A Fatal Inversion - a classic thriller from the queen of crime Barbara Vine 'An absolute winner ... a gripping read from start to end' Daily Mail 'Brilliant. Vine has the kind of near-Victorian narrative drive ... that compels a reader to go on turning the pages' Sunday Times In the long hot summer of 1976, a group of young people are camping in Wyvis Hall. Adam, Rufus, Shiva, Vivien and Zosie hardly ask why they are there or how they are to live; they scavenge, steal and sell the family heirlooms. In short, they exist. Ten years later, the bodies of a woman and child are discovered in the Hall's animal cemetery. Which woman? Whose child? 'I defy anyone to guess the conclusion ... the clues are cunningly planted, so that it seems one should have known all along. A most satisfying end' Daily Telegraph 'Nimbly written with all the Dickensian values of vivid characterization, fine prose style and a cunningly devised plot that shifts and twists and keeps you on the edge of your chair' Val Hennessy, Daily Mail A Fatal Inversion is a modern classic of the crime genre. If you enjoy the novels of P.D. James, Ian Rankin and Scott Turow, you will love this book. Barbara Vine is the pen-name of Ruth Rendell. She has written fifteen novels using this pseudonym, including A Fatal Inversion and King Solomon's Carpet which both won the Crime Writers' Association Gold Dagger Award. Her other books include: A Dark Adapted Eye; The House of Stairs; Gallowglass; Asta's Book; No Night Is Too Long; In the Time of His Prosperity; The Brimstone Wedding; The Chimney Sweeper's Boy; Grasshopper; The Blood Doctor; The Minotaur; The Birthday Present and The Child's Child.
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Barbara Vine was the pen-name of Ruth Rendell, and Viking published all of her books under that name. Rendell was an exceptional crime writer, with worldwide sales of approximately 20 million copies, and regular Sunday Times bestsellers. Rendell won numerous awards, including the Crime Writers' Association Gold Dagger for 1976's best crime novel with A Demon in My View, a Gold Dagger award for Live Flesh in 1986, and the Sunday Times Literary Award in 1990. In 2013 she was awarded the Crime Writers' Association Cartier Diamond Dagger for sustained excellence in crime writing. In 1996 she was awarded the CBE and in 1997 became a Life Peer. Ruth Rendell died in May 2015.From Publishers Weekly:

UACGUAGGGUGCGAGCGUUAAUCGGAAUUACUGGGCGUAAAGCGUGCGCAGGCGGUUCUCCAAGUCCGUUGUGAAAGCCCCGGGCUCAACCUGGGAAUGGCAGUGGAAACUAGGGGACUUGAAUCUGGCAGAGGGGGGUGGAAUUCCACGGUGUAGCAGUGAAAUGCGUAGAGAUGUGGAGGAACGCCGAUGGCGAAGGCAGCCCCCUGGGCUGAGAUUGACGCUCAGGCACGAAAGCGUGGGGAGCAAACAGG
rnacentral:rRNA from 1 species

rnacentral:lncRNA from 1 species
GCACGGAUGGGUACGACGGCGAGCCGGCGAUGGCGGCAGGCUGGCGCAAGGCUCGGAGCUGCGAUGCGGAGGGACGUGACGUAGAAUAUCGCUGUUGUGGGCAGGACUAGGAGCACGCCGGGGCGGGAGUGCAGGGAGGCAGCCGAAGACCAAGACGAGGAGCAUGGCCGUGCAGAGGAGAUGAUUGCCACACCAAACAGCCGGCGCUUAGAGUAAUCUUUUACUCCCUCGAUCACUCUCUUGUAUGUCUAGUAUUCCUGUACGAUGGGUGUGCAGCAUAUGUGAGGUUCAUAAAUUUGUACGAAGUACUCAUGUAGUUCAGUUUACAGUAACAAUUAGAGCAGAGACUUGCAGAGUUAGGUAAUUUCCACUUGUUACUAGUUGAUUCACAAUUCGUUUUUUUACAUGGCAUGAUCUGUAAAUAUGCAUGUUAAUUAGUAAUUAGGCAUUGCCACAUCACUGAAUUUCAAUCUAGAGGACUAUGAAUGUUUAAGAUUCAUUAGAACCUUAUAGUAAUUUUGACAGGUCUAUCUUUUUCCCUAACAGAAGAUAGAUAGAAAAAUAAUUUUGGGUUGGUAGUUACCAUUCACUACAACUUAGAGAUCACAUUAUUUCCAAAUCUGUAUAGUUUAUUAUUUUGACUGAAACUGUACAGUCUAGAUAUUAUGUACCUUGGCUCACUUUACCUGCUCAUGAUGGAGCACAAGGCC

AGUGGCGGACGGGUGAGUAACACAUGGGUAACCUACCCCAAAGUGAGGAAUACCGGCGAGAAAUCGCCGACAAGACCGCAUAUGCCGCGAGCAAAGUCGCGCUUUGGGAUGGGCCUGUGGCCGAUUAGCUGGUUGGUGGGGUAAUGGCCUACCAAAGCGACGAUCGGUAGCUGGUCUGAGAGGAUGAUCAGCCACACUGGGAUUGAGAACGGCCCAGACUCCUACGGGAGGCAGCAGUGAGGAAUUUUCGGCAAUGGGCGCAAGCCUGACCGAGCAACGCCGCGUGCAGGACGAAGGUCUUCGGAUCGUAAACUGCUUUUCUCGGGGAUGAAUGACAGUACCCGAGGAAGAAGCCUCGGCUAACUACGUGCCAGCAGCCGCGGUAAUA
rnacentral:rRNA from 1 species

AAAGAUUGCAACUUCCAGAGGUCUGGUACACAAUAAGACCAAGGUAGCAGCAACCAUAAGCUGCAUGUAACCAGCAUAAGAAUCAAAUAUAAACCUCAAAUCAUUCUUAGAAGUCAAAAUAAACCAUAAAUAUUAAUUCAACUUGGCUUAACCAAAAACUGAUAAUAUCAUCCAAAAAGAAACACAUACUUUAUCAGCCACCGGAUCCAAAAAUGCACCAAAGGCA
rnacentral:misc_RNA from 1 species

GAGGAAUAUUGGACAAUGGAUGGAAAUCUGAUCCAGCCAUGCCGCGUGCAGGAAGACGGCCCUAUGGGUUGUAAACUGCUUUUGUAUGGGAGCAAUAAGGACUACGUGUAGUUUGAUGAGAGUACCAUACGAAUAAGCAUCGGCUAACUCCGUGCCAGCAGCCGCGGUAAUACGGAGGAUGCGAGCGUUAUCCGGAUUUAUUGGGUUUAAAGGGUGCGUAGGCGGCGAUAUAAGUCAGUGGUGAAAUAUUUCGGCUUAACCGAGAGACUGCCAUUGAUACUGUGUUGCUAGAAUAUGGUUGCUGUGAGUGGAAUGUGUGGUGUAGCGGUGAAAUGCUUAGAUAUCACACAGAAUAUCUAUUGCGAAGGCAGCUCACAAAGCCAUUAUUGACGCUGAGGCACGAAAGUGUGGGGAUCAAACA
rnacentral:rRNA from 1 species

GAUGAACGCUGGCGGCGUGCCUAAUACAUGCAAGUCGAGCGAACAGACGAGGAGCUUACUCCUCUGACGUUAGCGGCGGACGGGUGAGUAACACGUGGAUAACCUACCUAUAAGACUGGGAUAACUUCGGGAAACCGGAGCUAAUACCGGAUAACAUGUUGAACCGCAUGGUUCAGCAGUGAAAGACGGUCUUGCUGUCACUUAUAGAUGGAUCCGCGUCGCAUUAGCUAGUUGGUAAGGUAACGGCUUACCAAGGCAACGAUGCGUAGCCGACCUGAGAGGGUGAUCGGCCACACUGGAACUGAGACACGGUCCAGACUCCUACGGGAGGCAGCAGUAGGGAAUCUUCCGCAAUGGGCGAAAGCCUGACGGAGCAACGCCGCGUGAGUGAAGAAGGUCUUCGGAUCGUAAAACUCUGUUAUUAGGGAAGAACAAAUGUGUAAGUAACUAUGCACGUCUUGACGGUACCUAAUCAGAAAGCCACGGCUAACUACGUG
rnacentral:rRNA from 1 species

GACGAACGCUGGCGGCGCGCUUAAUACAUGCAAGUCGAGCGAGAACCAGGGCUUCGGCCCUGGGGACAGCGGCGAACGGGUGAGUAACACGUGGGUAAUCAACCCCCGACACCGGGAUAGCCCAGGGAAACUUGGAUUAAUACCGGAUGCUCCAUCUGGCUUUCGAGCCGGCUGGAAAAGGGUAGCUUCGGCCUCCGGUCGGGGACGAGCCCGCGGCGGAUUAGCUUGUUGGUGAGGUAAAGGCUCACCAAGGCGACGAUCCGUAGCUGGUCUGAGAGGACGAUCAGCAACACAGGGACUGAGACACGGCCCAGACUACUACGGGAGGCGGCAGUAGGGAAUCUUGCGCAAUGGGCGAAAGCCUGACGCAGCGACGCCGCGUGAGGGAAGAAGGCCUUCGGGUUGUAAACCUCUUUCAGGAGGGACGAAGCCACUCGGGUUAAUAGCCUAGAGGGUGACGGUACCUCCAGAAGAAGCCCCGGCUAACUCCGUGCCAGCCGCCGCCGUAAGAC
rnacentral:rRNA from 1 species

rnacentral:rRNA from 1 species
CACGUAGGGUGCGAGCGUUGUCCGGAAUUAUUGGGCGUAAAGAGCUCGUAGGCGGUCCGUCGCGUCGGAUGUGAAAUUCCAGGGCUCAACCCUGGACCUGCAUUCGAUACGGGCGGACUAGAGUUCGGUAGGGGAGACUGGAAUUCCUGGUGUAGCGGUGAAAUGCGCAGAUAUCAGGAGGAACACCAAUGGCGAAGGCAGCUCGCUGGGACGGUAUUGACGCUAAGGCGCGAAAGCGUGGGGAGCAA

A Dark-Adapted Eyefirst novel under the pseudonym Barbara Vine by the British author Ruth Rendellwon the MBA Edgar. This is the second, a mystery like all her works, transcending the genre. Evoked in beautifully ambient writing, the setting is a rural estate, Wyvis Hall, which Adam Verne-Smith inherits at age 19. Inverting the word "someplace," Adam names his eden Ecalpemos where he revels through a summer with four companions. The months drift by until a horrible event scatters the lotus eaters, and Adam sells the property. For 10 years, the former friends live secure in the belief that they alone know their terrible secret. Then the present owners of Wyvis Hall dig a grave for their dog in the pet cemetery on the grounds and unearth human remains. Making headlines, the news stuns the Ecalpemos conspirators, long since established as proper London citizens. The author virtually defies one to pause between incidents in the exquisitely controlled developments that peak in a marvel of irony that no reader could foresee.
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Book Description Penguin Canada, 1992. Mass Market Paperback. Book Condition: New. Bookseller Inventory # P110140158618
Book Description Penguin Canada. MASS MARKET PAPERBACK. Book Condition: New. 0140158618 New Condition. Bookseller Inventory # NEW6.0060088